Somebody Needs to Hear . . .


Last night I sat in a small support group of teenage mothers, and one brave young woman, Liz, walked to the front of the room.

“Guys, I usually sit there among you, but I asked Miss Tricia if I could share. You see, I’ve started this journey with Jesus, and I have to share all the amazing things God has done for me.”

Less than four months ago Liz showed up at our group with a dump truck of sin weighing down her heart. She was so ashamed of her recent mistakes that she’d missed many meetings. Yet a glimmer of hope stirred inside. Go to them, and ask for prayer; maybe they’ll still love you.

The first night back, Liz took me aside, and we found a quiet room. She poured out her heart, and I cried along with her. Then she prayed and accepted Christ in her heart.

As I led her in that prayer I could feel the weights lifting: pain, shame, disgrace . . . they were boulders being hurled from her back. We stood and embraced, and the light on her face reflected the transformation in her heart. She prayed and asked God to take over, and He did. Man, how He did!

“You’ll never believe all God’s done for me. He’s provided people to care for me, to mentor me, and He’s taken care of all my needs and the needs of my two kids.” Liz walked away from unhealthy relationships and discovered a community of Christians to care. She’s a different mom, a different student, a different friend.

“If you want to join me on my journey, call me whenever you want or text me. Come over and we’ll read the Bible together. There’s so much He has for you.”

And as I sat and listened with tears in my eyes, I realized that every moment I’ve spent volunteering in these teen mom support groups was worth it. It was worth it because Liz is worth it . . . and so is every other young mom who needs to hear the truth of Jesus’ love.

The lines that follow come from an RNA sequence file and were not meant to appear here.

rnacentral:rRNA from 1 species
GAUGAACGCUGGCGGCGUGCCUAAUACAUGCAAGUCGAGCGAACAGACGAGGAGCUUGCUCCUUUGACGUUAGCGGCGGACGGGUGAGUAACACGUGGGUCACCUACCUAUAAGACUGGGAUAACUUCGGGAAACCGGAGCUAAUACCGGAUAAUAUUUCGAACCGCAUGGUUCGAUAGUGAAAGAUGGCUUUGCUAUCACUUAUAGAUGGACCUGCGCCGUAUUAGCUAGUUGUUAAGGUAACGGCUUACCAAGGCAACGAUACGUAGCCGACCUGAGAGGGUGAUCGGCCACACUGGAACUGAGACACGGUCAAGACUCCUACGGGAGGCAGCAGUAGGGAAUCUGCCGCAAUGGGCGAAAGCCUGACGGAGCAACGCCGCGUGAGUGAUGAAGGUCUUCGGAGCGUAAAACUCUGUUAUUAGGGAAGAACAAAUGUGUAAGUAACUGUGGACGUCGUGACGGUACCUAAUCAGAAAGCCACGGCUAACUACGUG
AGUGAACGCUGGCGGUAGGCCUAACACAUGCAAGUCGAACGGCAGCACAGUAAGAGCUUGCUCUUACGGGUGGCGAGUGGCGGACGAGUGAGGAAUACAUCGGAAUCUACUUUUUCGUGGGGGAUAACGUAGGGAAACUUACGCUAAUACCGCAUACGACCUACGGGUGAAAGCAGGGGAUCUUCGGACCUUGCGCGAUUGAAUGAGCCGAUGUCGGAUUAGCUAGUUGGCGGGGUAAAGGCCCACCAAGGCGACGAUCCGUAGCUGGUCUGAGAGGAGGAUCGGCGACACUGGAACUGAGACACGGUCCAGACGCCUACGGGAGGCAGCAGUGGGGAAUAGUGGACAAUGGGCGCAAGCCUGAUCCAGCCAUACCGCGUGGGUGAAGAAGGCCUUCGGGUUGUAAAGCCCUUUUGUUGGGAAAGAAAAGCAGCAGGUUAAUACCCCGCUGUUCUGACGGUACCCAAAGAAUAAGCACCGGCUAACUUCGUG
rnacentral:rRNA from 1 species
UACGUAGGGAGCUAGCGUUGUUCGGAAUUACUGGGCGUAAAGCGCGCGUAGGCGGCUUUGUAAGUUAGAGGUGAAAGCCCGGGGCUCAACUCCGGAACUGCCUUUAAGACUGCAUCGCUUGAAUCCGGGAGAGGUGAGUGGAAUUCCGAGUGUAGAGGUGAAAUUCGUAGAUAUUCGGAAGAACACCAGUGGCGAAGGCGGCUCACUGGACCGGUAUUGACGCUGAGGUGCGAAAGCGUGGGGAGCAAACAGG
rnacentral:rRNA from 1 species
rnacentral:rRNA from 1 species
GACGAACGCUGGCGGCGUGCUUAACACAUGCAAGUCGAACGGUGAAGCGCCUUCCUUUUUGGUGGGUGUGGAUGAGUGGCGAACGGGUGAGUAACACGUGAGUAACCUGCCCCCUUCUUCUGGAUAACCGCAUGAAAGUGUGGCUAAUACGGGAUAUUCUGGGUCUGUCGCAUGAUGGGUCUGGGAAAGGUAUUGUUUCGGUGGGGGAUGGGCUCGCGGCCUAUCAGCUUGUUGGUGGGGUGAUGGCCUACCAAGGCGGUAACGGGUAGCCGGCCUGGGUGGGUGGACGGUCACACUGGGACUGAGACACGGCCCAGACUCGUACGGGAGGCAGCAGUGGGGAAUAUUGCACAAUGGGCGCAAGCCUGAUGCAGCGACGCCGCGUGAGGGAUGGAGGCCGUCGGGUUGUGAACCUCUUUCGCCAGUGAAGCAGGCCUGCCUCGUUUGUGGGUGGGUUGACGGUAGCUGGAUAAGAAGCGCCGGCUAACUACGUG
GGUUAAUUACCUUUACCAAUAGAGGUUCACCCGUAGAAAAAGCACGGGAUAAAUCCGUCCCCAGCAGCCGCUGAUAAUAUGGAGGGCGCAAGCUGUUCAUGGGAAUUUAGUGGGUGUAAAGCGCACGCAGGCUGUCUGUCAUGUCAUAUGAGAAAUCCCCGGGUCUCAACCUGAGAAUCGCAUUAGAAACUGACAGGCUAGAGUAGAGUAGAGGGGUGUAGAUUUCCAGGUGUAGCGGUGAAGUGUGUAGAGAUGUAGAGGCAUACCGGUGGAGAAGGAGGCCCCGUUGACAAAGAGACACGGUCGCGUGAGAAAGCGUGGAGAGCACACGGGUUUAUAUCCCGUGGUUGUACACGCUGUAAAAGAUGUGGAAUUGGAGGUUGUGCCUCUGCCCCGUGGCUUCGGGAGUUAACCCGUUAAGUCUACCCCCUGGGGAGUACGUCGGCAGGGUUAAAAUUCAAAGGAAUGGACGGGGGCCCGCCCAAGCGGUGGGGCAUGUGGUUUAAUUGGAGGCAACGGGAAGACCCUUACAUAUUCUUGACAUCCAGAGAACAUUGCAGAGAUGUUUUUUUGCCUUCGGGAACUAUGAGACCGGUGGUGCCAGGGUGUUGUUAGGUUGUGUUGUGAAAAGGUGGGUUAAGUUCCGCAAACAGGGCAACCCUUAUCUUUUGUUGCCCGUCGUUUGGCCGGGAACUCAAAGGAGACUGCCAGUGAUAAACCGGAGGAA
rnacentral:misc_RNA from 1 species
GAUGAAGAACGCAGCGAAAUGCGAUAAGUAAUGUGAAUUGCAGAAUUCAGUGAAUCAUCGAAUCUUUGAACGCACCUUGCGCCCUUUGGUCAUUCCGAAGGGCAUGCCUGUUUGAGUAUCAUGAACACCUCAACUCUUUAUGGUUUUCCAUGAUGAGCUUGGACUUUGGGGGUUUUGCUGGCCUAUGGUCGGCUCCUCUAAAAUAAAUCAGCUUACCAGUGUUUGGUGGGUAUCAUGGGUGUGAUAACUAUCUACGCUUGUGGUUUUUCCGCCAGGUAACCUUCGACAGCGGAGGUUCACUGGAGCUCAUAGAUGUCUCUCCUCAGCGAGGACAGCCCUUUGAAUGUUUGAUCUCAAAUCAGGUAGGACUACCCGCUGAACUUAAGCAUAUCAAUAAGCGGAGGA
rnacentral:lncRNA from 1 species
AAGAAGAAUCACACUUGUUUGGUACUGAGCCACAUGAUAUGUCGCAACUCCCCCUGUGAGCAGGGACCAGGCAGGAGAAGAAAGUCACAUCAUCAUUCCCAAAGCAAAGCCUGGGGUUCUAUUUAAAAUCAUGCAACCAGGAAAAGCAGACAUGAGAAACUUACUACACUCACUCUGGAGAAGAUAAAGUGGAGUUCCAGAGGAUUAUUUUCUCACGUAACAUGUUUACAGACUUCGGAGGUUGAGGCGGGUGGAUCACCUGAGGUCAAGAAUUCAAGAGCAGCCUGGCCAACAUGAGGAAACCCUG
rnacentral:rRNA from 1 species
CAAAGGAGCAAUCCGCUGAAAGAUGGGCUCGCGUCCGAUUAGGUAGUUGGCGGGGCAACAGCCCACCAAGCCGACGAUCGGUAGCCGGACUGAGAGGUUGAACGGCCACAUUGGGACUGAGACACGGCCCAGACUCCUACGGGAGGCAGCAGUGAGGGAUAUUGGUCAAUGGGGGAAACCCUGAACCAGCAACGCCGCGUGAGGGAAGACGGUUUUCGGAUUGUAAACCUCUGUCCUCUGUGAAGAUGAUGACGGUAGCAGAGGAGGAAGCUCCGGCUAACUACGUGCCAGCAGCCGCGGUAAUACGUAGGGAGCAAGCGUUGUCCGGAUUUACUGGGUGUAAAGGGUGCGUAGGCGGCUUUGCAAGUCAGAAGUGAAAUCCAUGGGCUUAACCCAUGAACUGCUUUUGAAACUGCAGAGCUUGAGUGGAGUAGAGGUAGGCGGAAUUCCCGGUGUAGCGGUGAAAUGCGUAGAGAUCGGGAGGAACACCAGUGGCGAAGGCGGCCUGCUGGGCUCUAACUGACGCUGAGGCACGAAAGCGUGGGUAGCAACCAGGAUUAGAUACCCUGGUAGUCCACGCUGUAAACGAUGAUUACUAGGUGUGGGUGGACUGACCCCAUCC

I’ve been honored to watch these stories of transformation unfold, but that’s only happened because deep down I knew there was someone out there who needed to hear. There is someone in your community who needs to hear, too. Someone who feels alone. Someone who feels unworthy. Someone who feels ashamed.

Somebody needs to hear . . . they are worth your time.

Somebody needs to hear . . . that God’s grace is for them.

Somebody needs to hear . . . that their darkest sins are not too dark for God’s light.

Somebody needs to hear . . . there is hope.

Somebody needs to hear . . . peace can come.

Somebody needs to hear . . . about a second chance through Jesus.

But before they can hear all those things, they must hear something from you first. Things like:

Do you want to meet for coffee?
How can I help you?

What do you need most right now?
What’s your story?

Do you want to hear how I’ve messed up?
Do you want to hear what God did?

People need to hear about Jesus, and it’s hard to take the time, energy, and even money to make that a priority.

As I leave home and drive to our Thursday night meetings, I’m lucky if I’ve slapped together peanut butter and jelly for my husband and kids. I’ve stepped out of movies to take desperate phone calls. I’ve bought food, diapers, and door prizes to draw in the young women who need help, and I’ve asked myself, “Will they ever understand?” when it seems like they won’t.

But I continue because I know that someone needs to hear . . . and if I don’t tell them who will?

I also remember being the one who needed to hear about Jesus’ love and forgiveness when I was a soon-to-be mom at age 17. Somebody talked to me, and it cost them, too. Was it worth the cost? Was I worth the cost? I feel it was. I feel I am.

“Take up your cross and follow me,” Jesus said, and in 2015 that looks a little different than what it did in Jesus’ day. It might mean asking a friend to drive your child to t-ball practice, or walking away from that pile of dishes, or spending hard-earned cash to hire a babysitter for two hours so you can take someone out to just talk.

Sacrifice is sacrifice, big or small. But transformation is TRANSFORMATION in the lives Jesus touches through you. Without us stepping out and doing our part, who’s going to tell them? Who’s going to tell her?

And without being told how, will they know Who to follow?

And if they don’t know Who do follow, where will they wander? Into sin, pain, darkness, shame and regret. It’s easier to shake our head at their choices than to reach out an be a friend. Because it costs us something, doesn’t it?

Will you do it? Will you speak? Will you give? Will you love?

Please say you will, friend.

Because somebody needs to hear . . .



Do you know a Teen Mom? You can pre-order Tricia’s new book, Teen Mom: You are Stronger Than You Think.

(Buy a young mom or soon-to-be young mom a copy, and invite her to coffee to give it to her!)

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